Fifty years after his death, Hawthorne is already a classic. For even Mr. Brownell allows him one masterpiece, and one masterpiece means an immortality. I suppose it is generally agreed that "The Scarlet Letter" is his chef-d'œuvre. Certainly it is his most intensely conceived work, the most thoroughly fused and logically developed; and is free from those elements of fantasy, mystery, and unreality which enter into his other romances. But its unrelieved gloom, and the author's unrelaxing grasp upon his theme, make it less characteristic than some of his inferior works; and I think he was right in preferring "The House of the Seven Gables," as more fully representing all sides of his genius. The difference between the two is the difference between tragedy and romance. While we are riding the high horse of criticism and feeling virtuous, we will concede the superiority of the former genre; but when we give our literary conscience the slip, we yield ourselves again to the fascination of the haunted twilight.
The antique gabled mansion in its quiet back street has the charm of the still-life sketches in the early books, such as "Sights from a Steeple," "A Rill from the Town Pump," "Sunday at Home," and "The Toll-gatherer's Day." All manner of quaint figures, known to childhood, pass along that visionary street: the scissors grinder, town crier, baker's cart, lumbering stage-coach, charcoal vender, hand-organ man and monkey, a drove of cattle, a military parade-the "trainers," as we used to call them. Hawthorne had no love for his fellow citizens and took little part in the modern society of Salem. But he had struck deep roots into the soil of the old witch town, his birthplace and the home of generations of his ancestors. Does the reader know this ancient seaport, with its decayed shipping and mouldering wharves, its silted up harbor and idle custom-house, where Hawthorne served three years as surveyor of the port? Imposing still are the great houses around the square, built by retired merchants and shipmasters whose fortunes were made in the East India trade: with dark old drawing-rooms smelling of sandalwood and filled with cabinets of Oriental curiosities. Hawthorne had little to do with the aristocracy of Salem. But something of the life of these old families may be read in Mrs. Stoddard's novel "The Morgesons,"-a book which I am perpetually recommending to my friends, and they as perpetually refusing to read, returning my copy after a superficial perusal, with uncomplimentary comments upon my taste in fiction.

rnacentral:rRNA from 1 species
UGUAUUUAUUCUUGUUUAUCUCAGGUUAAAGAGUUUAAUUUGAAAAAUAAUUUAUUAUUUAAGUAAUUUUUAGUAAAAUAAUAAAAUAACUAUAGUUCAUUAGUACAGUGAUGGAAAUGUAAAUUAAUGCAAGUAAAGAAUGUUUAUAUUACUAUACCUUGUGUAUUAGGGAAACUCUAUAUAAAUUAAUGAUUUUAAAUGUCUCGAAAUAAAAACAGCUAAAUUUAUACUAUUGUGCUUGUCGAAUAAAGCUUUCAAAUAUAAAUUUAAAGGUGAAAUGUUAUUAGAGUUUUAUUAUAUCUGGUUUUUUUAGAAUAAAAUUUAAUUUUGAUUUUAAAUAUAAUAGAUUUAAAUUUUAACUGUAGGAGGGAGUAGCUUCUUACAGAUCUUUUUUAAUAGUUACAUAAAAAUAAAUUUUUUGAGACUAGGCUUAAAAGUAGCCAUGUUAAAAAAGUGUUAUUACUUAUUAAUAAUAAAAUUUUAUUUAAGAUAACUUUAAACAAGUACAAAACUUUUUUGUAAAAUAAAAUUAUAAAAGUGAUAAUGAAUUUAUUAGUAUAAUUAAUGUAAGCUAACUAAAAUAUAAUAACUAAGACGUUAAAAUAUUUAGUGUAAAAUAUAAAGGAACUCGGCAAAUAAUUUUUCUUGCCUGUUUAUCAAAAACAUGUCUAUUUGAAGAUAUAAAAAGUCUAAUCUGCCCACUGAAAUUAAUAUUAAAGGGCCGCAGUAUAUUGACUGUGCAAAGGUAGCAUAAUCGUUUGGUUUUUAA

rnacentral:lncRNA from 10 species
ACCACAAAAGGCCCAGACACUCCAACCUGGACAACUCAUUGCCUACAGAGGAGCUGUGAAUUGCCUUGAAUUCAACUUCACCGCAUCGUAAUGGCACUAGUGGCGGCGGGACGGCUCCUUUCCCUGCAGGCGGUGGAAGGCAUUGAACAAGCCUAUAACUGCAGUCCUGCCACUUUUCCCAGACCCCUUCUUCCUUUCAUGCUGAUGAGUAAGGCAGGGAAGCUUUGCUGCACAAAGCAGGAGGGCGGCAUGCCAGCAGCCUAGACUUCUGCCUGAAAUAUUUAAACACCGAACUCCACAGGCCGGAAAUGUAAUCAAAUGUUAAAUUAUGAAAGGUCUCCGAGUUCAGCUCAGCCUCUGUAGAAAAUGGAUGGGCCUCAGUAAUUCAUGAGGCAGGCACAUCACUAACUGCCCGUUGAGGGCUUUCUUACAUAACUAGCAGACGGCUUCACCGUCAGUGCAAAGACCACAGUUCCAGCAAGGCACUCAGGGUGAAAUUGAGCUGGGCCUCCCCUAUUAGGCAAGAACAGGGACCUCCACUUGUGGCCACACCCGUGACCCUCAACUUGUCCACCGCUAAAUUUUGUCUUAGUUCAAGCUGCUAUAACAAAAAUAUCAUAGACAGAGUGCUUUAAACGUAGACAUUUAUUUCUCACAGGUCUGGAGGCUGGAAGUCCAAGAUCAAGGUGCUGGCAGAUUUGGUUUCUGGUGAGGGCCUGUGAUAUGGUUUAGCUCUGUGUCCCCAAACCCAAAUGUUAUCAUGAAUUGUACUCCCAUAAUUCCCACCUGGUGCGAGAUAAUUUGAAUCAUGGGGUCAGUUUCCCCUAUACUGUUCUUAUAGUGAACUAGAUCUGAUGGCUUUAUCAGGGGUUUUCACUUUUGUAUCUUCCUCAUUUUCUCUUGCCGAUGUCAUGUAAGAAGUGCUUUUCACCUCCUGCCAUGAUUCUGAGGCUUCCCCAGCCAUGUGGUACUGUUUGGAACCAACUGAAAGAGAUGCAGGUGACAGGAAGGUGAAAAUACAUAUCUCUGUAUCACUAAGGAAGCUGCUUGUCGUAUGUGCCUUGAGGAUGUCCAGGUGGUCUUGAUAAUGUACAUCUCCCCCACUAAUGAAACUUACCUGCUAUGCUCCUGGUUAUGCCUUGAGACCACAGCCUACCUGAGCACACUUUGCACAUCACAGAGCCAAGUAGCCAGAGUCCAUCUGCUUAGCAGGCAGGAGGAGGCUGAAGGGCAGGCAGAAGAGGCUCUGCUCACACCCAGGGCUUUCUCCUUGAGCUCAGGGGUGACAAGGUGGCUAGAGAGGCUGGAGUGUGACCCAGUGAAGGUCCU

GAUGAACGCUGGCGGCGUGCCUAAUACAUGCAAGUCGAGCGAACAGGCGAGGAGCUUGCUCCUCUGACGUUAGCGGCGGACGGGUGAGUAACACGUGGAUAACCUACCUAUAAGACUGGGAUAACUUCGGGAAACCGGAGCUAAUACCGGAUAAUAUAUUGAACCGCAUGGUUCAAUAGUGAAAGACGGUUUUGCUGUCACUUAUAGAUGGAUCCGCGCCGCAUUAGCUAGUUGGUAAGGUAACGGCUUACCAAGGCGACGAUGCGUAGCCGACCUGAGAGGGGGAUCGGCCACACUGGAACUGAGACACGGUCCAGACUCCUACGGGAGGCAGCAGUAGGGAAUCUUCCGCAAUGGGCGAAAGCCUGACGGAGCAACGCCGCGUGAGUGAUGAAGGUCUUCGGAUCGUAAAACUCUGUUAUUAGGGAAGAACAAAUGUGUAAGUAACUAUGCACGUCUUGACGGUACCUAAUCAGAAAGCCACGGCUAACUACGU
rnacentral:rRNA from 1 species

Hawthorne's academic connections are of particular interest. It is wonderful that he and Longfellow should have been classmates at Bowdoin. Equally wonderful that Emerson's "Nature" and Hawthorne's "Mosses" should have been written in the same little room in the Old Manse at Concord. It gives one a sense of how small New England was then, and in how narrow a runway genius went. Bowdoin College in those days was a little country school on the edge of the Maine wilderness, only twenty years old, its few buildings almost literally planted down among the pine stumps. Hawthorne's class-1825-graduated but thirty-seven strong. And yet Hawthorne and Longfellow were not intimate in college but belonged to different sets. And twelve years afterward, when Longfellow wrote a friendly review of "Twice-Told Tales" in The North American Review, his quondam classmate addressed him in a somewhat formal letter of thanks as "Dear Sir." Later the relations of the two became closer, though never perhaps intimate. It was Hawthorne who handed over to Longfellow that story of the dispersion of the Acadian exiles of Grandpré, which became "Evangeline": a story which his friend Conolly had suggested to Hawthorne, as mentioned in "The American Note Books." The point which arrested Hawthorne's attention was the incident in the Bayou Teche, where Gabriel's boat passes in the night within a few feet of the bank on which Evangeline and her company are sleeping.
This was one of those tricks of destiny that so often engaged Hawthorne's imagination: like the tale of "David Swan" the farmer's boy who, on his way to try his fortune in the city, falls asleep by a wayside spring. A rich and childless old couple stop to water their horse, are taken by his appearance and talk of adopting him, but drive away on hearing someone approaching. A young girl comes by and falls so much in love with his handsome face that she is tempted to waken him with a kiss, but she too is startled and goes on. Then a pair of tramps arrive and are about to murder him for his money, when they in turn are frightened off. Thus riches and love and death have passed him in his sleep; and he, all unconscious of the brush of the wings of fate, awakens and goes his way. Again, our romancer had read the common historical accounts of the great landslide which buried the inn in the Notch of the White Mountains. The names were known of all who had been there that night and had consequently perished-with one exception. One stranger had been present, who was never identified: Hawthorne's fancy played with this curious problem, and he made out of it his story of "The Ambitious Guest," a youth just starting on a brilliant career, entertaining the company around the fire, with excited descriptions of his hopes and plans; and then snuffed out utterly by ironic fate, and not even numbered among the missing.